Long-term exposure has also been linked to asthma development in children and young adults, but even short-term exposure can be harmful, making it more difficult to breathe during outdoor activities.
Exposure to high pollen levels can yield negative effects on pregnant women. Recent research reveals that a pregnant person’s exposure to high pollen levels can increase the likelihood that their unborn child will develop early asthma.
What’s more, research suggests that, as levels of PM and ozone increase as a result of climate change, pregnant women exposed to these pollutants are nearly 13 percent more likely to have a miscarriage. Air pollution can also have an impact on low birth weights, congenital defects, premature births, and even autism.
Individuals who perform rigorous activity outdoors, such as athletes or manual laborers, are more susceptible to the dangers of climate change and air pollution. That’s because they tend to take more breaths per minute orally, inhaling more ambient air and thus bypassing the body’s built-in nasal filtration system.
When pollutants are inhaled more deeply during physical activity, they can diffuse into the bloodstream more rapidly. As a result, athletes are more prone to many of the health problems associated with air pollution, including damage to the lung airways, asthma, heart attack, and stroke.
The longer we live, the greater our exposure to air pollution. In general, older individuals thus have “dirtier” lungs compared to younger adults, making them more prone to respiratory problems.
Further compounding this issue, the body’s ability to filter out and dispose of air pollution weakens as we age, minimizing our ability to compensate for the effects of environmental hazards. As a result, air pollution is more likely to aggravate symptoms associated with heart disease and stroke, COPD, asthma, and diabetes within elderly populations.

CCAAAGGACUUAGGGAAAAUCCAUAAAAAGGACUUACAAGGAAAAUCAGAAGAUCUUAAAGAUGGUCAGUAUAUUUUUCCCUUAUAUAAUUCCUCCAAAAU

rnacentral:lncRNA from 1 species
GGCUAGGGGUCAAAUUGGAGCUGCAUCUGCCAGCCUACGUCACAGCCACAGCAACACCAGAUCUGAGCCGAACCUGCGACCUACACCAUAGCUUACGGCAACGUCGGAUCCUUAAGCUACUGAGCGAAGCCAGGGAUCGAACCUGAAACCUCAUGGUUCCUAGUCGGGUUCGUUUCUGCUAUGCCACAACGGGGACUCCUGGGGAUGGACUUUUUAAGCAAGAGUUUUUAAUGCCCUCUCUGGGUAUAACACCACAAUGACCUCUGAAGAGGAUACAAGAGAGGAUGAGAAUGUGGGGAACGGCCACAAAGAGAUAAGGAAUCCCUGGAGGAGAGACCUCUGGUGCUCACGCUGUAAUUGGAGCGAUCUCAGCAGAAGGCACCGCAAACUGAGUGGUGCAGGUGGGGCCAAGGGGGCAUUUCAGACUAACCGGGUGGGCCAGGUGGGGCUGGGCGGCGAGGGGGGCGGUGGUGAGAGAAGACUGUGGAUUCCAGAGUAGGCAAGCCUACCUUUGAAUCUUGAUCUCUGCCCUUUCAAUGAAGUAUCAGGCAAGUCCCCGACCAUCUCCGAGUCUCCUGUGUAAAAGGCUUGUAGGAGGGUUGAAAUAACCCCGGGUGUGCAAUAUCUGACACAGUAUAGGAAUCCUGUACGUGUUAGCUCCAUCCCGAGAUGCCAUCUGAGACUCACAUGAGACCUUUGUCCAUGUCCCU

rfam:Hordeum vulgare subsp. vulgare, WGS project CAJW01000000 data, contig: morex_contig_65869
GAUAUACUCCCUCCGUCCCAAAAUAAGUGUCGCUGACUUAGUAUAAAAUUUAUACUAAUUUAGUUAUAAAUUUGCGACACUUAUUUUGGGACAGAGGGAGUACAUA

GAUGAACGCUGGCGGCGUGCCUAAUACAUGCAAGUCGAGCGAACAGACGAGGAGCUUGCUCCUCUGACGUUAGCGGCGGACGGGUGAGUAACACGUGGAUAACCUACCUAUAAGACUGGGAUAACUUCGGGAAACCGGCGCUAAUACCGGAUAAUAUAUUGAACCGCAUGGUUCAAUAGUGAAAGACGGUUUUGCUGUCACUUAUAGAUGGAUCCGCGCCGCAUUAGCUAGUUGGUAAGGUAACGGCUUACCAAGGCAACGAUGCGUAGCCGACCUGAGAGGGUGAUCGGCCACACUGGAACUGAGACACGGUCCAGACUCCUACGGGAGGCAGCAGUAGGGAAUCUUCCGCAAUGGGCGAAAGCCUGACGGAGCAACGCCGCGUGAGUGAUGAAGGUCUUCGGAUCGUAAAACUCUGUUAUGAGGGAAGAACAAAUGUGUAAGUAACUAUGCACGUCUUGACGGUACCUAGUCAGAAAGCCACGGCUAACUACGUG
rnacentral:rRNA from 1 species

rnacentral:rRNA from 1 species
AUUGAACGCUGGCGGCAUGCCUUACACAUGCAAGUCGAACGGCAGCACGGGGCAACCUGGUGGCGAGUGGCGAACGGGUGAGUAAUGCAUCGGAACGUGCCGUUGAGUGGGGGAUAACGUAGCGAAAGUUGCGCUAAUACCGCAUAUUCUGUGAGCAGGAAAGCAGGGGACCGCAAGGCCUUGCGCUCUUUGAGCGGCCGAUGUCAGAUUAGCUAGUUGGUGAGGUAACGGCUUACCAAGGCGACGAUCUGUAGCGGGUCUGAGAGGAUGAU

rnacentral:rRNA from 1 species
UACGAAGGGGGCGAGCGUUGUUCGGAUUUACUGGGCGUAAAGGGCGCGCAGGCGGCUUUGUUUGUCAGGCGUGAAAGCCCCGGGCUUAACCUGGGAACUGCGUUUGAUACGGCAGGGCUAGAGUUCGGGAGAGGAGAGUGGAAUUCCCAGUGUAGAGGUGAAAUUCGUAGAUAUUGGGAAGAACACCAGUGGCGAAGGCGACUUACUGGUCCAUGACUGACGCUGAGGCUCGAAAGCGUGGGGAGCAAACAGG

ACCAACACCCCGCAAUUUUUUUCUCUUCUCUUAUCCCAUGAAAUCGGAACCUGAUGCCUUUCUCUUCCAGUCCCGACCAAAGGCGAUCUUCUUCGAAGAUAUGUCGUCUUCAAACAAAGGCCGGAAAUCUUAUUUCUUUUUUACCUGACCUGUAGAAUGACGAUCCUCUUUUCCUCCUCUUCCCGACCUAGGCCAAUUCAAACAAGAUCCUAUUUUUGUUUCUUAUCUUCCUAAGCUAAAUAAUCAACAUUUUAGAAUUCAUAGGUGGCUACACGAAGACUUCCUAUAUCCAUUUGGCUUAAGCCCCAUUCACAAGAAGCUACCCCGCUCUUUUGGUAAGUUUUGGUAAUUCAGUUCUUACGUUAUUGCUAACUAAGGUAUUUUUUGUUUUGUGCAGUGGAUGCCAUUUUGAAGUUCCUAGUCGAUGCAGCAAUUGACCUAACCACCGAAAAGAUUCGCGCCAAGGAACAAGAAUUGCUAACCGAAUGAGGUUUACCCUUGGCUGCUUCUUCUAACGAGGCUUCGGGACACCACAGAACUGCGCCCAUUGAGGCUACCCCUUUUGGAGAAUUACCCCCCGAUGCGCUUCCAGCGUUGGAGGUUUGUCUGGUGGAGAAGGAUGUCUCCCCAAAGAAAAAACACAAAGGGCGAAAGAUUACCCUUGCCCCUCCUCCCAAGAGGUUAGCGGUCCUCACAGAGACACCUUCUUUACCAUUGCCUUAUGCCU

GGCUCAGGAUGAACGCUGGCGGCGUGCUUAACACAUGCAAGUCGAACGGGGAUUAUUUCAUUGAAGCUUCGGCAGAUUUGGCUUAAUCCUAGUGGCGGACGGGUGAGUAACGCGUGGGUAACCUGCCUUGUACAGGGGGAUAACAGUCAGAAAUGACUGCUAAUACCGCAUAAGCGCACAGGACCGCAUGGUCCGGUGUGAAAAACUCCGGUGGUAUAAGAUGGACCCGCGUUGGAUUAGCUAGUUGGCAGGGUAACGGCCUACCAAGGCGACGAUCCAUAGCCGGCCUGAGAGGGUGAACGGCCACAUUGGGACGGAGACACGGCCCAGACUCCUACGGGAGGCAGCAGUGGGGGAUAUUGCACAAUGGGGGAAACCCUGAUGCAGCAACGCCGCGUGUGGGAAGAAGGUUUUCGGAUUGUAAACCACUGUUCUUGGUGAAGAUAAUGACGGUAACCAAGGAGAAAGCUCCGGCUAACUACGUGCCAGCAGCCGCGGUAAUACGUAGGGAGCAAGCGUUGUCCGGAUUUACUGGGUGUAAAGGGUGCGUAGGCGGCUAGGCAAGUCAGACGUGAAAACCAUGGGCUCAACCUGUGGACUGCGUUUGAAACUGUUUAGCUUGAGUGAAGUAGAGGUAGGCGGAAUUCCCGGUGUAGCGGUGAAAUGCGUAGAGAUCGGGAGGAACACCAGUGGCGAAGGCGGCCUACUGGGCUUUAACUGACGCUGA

Ozone and PM — two of the pollutants directly tied to climate change — are the most likely to affect the health of older individuals and can lead to premature death, heart attack, and chronic bronchitis.
Introducing Our New Personal Exposure Feature
The evidence linking climate change to rising pollen and pollution levels is mounting. However, with knowledge comes power. When you know what is in the air you breathe, how you're likely to be impacted, and when air quality is at its lowest, you'll have the tools needed to make smarter decisions regarding your daily activities.
This is the exact logic behind the new personal exposure feature we've introduced to our mobile app. You can now track your exposure to pollution over a period of 24 hours and see how making informed choices to avoid poor air quality has a direct impact on the air you breathe, with clear short-term and long-term health implications:
At BreezoMeter, we think the only way to really limit pollution exposure is to adopt a completely personalized approach to air quality reporting. This is because air quality is extremely dynamic; 2 people living in the same house could be sensitive in different ways and show completely different exposure patterns based on their particular routines and daily choices.
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Download our app & try out our new personal exposure feature for yourself - we'd love to get your feedback!